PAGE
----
States Where the Most People Still Live With Their Parents

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In the United States, people are legally considered adults after turning 18. This is the age when people are expected to head out on their own, either by joining the workforce or continuing their education in college.

Of course, no one expects all young people to leave their parents’ home the day after their 18th birthday, but more and more young adults remain at home long after they have completed high school. In 2006, 29.0% of Americans aged 18 to 34 lived at their parents’ home. In 2017, this share increased to 34.6%.

The rate of younger adults living with their parents varies widely from state to state. In a few states, less than 20% of residents 18 to 34 live with their parents. In others, more than 40% of the same age group have remained at home.

24/7 Wall St. reviewed data from the Census Bureau’s American Community Survey to determine the states where the largest share of 18 to 34 year olds still live with their parents.

Of course, some 18-year-olds are still in high school. Other young adults live at home while attending college to save money. Many students face very different economic realities based on where they live. Young adults are more likely to continue living at home in the states where a dollar is worth less.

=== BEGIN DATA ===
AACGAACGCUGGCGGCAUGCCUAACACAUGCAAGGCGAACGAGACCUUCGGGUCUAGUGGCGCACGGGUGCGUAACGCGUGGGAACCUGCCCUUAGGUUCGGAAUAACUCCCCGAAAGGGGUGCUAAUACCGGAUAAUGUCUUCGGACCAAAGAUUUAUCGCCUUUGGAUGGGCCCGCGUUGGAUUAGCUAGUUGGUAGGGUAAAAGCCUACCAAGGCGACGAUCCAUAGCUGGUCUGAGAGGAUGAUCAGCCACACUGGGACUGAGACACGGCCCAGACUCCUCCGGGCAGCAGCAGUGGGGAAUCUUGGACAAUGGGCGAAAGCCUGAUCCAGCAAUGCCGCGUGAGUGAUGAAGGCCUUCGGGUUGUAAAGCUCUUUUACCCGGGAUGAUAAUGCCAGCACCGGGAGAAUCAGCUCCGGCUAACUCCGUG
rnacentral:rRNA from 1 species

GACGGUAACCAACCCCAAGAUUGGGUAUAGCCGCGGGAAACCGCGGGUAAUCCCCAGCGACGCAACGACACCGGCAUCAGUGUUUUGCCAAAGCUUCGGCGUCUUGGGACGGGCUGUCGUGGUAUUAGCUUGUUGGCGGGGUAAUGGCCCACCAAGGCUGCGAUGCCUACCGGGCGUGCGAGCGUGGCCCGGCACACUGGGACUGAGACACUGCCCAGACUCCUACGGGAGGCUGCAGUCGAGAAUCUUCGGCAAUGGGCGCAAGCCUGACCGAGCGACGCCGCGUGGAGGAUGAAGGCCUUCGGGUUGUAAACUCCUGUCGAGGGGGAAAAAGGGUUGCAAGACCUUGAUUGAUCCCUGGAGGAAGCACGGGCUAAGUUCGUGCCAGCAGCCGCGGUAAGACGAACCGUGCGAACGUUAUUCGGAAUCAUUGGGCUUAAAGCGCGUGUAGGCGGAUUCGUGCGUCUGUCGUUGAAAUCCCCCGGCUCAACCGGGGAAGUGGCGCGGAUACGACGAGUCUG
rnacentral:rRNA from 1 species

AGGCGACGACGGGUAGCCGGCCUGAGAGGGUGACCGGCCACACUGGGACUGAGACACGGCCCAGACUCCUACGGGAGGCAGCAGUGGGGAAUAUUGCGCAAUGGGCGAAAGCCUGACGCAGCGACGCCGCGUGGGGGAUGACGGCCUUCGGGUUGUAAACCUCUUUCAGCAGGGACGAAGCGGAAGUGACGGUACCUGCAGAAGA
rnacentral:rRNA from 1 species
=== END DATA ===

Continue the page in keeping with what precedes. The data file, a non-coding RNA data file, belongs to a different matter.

Young people may not be completely at fault for their living situation. Economists agree that millennials face much tougher economic realities than their parents. Home prices and rent are much more expensive today, even adjusting for inflation, than in the 1960s and 70s. The cost of a college degree at a state school has also more than tripled in the last 30 years. Most college graduates finish school with debt, averaging over $28,000. Many states in which many young people live with their parents also rank highly among the states where students graduate with the most debt.

Click here to see where the most people still live with their parents
Click here to read our methodology